The Minnesota Traffic Observatory (MTO) is a transportation laboratory focusing on the testing and evaluation of new transportation management and operational strategies and traveler information technologies. The MTO is a facility of the University of Minnesota's Department of Civil, Environmental, and Geo- Engineering. It is also affiliated with the Roadway Safety Institute, the Region 5 University Transportation Center.
MTO in the News
Move over one: Determining the effectiveness of ILCS in Minneapolis
Minnesota’s Smart Lanes is the brand name of the active traffic management (ATM) system implemented on I-35W and I-94, the two busiest freeways in the Twin Cities of Minneapolis and Saint Paul. The centerpiece of this system, and a novel idea at the time of its installation since no other U.S. city has anything similar, is the implementation of Intelligent Lane Control Signs (ILCS). Minnesota Traffic Observatory director John Hourdos explains.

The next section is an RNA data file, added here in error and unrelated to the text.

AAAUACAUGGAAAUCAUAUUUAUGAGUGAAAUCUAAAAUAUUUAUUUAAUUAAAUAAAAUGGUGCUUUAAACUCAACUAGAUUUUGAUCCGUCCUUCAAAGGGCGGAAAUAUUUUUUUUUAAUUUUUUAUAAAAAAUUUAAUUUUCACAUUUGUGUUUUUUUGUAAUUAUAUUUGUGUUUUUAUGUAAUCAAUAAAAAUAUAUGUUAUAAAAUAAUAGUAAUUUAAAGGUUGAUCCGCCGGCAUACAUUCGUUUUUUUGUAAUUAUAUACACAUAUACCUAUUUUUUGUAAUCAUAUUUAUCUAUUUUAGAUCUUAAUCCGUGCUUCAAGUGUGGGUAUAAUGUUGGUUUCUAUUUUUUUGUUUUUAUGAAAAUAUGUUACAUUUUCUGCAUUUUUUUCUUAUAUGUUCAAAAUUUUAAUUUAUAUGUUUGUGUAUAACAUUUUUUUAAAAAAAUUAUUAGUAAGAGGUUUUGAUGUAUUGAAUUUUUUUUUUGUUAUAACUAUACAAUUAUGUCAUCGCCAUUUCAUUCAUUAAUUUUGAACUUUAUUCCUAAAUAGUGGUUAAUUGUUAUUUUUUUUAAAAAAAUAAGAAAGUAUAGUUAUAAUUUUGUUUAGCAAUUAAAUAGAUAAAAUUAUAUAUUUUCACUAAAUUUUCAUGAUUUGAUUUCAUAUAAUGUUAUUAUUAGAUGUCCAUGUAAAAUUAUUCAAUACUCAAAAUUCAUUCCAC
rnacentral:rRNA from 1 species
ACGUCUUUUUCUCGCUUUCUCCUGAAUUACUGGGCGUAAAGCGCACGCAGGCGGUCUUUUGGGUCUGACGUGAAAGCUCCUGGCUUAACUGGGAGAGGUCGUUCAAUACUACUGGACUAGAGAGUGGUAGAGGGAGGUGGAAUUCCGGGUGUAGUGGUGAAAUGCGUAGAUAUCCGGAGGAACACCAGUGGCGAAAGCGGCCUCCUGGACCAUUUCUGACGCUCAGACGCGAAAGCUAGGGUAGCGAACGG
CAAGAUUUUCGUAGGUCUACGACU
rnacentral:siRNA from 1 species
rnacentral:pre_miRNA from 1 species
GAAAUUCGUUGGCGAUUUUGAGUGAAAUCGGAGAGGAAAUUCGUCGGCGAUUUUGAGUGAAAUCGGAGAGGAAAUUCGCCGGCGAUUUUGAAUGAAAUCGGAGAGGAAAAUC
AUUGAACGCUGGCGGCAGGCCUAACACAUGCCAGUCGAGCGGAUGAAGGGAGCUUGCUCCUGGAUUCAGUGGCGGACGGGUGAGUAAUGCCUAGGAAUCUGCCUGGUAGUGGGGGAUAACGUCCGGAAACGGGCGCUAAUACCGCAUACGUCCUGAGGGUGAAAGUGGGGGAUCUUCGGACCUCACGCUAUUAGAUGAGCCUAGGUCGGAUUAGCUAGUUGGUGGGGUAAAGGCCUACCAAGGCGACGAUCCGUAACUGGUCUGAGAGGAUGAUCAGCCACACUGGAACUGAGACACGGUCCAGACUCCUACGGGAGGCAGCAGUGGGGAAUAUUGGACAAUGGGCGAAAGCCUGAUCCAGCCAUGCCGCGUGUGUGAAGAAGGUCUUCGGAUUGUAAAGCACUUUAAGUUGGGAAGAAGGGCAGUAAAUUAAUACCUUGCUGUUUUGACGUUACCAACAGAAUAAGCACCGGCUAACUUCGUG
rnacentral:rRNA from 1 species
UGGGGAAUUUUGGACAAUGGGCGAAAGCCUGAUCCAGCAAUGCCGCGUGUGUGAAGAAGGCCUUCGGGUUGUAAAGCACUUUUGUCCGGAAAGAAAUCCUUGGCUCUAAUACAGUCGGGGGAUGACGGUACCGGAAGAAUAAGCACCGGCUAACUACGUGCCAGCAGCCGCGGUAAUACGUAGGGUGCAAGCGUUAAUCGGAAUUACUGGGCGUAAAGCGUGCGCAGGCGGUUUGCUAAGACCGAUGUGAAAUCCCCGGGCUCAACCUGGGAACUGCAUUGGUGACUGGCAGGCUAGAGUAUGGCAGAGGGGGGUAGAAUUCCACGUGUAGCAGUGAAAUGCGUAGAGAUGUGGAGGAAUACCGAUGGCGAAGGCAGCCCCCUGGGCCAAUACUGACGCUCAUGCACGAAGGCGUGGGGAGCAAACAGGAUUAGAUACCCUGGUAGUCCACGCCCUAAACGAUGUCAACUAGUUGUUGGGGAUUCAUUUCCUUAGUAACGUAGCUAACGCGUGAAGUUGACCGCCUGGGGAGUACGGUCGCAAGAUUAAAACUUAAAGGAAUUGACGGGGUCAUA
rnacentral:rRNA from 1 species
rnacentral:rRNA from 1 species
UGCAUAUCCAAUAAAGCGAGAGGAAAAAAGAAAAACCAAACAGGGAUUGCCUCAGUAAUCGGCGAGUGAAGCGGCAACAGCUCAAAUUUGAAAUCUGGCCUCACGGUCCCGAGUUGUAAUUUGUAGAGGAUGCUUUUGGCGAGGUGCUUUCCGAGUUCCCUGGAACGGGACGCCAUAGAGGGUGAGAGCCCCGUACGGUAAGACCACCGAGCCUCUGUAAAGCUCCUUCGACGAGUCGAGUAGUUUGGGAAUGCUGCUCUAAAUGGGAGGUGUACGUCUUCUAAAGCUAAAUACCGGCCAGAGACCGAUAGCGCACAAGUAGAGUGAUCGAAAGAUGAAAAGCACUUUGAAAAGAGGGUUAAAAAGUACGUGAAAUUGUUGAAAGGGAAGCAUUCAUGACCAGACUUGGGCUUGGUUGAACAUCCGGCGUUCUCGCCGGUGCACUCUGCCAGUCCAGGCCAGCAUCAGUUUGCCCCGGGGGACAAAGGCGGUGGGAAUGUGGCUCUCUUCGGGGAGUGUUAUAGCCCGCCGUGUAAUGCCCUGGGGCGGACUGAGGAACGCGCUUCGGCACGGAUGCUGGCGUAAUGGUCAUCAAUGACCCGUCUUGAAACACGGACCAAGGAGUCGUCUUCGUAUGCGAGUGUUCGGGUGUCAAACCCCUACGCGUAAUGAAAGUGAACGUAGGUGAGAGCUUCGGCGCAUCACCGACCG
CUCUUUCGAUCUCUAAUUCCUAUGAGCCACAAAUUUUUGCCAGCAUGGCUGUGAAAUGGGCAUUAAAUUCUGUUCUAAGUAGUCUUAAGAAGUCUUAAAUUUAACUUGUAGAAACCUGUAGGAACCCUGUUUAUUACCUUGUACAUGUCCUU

The Drive: Do Smart Lanes Help Drivers? Sort of
A new study by researchers at the University of Minnesota’s Traffic Observatory shows that drivers are heeding the messages displayed on the high-tech warning signs designed to get them to switch lanes before they reach the point where there is a stall, crash or hazard impeding traffic.
Seven stories down: U building serves as a tribute to Minnesota experimentalism
Highlights of the underground Civil Engineering building includes the Minnesota Traffic Observatory, and how researchers there study how traffic moves through the metro area.
Evaluation of the Effect MnPASS Lane Design has on Mobility and Safety
This study evaluated the safety and mobility of both restricted and open access MnPASS lanes.
Effect of Signing and Striping on the Safety of a Two-Lane Roundabout
This project examined driving behavior and safety before and after signing and striping changes at a two-lane roundabout.
Modeling Traffic Impacts on Visitor Experience and on Wildlife in Public Spaces
The MTO developed a model to simulate the complex relationships between traffic patterns and wildlife movements in Denali National Park.
Rapidly deployable, low-cost traffic data and video collection device
This portable traffic data collection system—designed for temporary data gathering and video recording—is easily deployable, non-intrusive, and inexpensive.